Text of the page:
Mammograms Still the Best Detection

Friday, March 9th 2001, 12:00 am
By: News On 6

WASHINGTON – Old-fashioned mammograms aren't perfect, but so far no new breast cancer detection system has proved better, concludes an exhaustive scientific review of tumor-detecting technology.

But other technologies may one day help catch more cancer, particularly in women with dense breasts, the Institute of Medicine reported Thursday, urging intensive research.

"Mammography is still the best way we have," said Dr. Janet Baum, a Harvard Medical School radiologist who co-authored the report.

Consequently, access to mammograms for uninsured women must be increased, the report said.

A program by the Centers for Disease Control and Prevention that gives free mammograms to the uninsured reaches only 15 percent of eligible women but should strive to quickly increase that number to 70 percent, the institute said. Additionally, a new federal law ensures Medicaid will pay to treat women whose cancer is detected in the CDC program, but states haven't yet adopted that change, the report said.

American women undergo 30 million mammograms a year. The breast X-ray, which costs $75 to $150, can detect early-stage tumors, when they're easier to treat. Routine screening mammograms can decrease breast cancer deaths by 25 to 30 percent, experts say.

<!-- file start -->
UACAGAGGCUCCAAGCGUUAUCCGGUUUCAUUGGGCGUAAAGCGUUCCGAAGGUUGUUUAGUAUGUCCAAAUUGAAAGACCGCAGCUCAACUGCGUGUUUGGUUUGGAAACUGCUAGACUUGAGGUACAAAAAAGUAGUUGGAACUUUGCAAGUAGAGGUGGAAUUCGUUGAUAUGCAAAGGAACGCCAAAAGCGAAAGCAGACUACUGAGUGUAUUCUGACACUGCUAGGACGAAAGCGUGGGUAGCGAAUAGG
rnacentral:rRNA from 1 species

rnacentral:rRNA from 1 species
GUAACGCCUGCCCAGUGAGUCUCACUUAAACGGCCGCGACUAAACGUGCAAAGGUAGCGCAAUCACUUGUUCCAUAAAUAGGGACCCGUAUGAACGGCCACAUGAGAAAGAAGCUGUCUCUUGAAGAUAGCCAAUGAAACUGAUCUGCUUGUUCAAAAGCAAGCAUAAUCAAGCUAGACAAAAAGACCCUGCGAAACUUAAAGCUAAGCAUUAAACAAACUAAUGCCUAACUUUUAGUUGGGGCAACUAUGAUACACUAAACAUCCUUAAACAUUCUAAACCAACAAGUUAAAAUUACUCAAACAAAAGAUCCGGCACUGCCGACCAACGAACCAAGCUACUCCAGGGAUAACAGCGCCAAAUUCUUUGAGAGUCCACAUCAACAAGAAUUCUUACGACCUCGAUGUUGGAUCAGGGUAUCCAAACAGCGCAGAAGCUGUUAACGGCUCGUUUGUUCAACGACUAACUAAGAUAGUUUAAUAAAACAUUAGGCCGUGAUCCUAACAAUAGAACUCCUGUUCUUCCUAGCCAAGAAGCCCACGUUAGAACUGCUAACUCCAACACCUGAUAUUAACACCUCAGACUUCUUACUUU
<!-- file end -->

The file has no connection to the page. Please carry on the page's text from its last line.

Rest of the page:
But they're not foolproof. They sometimes miss suspicious spots that turn out to be tumors.

"The disappointing part of screening mammography is while it reduces mortality, it only does so by a fraction," said Dr. Daniel Hayes, breast cancer director at Georgetown University's Lombardi Cancer Center. "We think we can do better."

Last year, the Food and Drug Administration approved the first digital mammograms, computerized X-ray images that proponents tout because the computer images may be lightened or otherwise manipulated for a closer look.

For women, getting a digital mammogram is no different from getting one recorded on film, the breast is compressed and X-rayed the same way. And the institute, citing a continuing U.S. Army study of 7,000 women, says that so far, there's no evidence that digital mammograms are superior to film ones in spotting cancer.

So if a woman's doctor offers digital mammograms, she should be sure the physician is properly trained. And women should feel confident that it's an equally effective choice, but not feel it's necessary to search out the newer technology, Dr. Baum said.

Among the report's other findings:

• Some doctors use computer programs to double-check mammograms for suspicious spots. With less-experienced radiologists, studies suggest this computer re-check has potential, but nobody yet knows if it's worth wide-scale use or the cost.

• Other techniques, like testing breast fluid for precancerous signs, remain experimental and require large studies.

The Institute of Medicine is part of the National Academy of Sciences, an independent organization chartered by Congress to advise the government on scientific issues.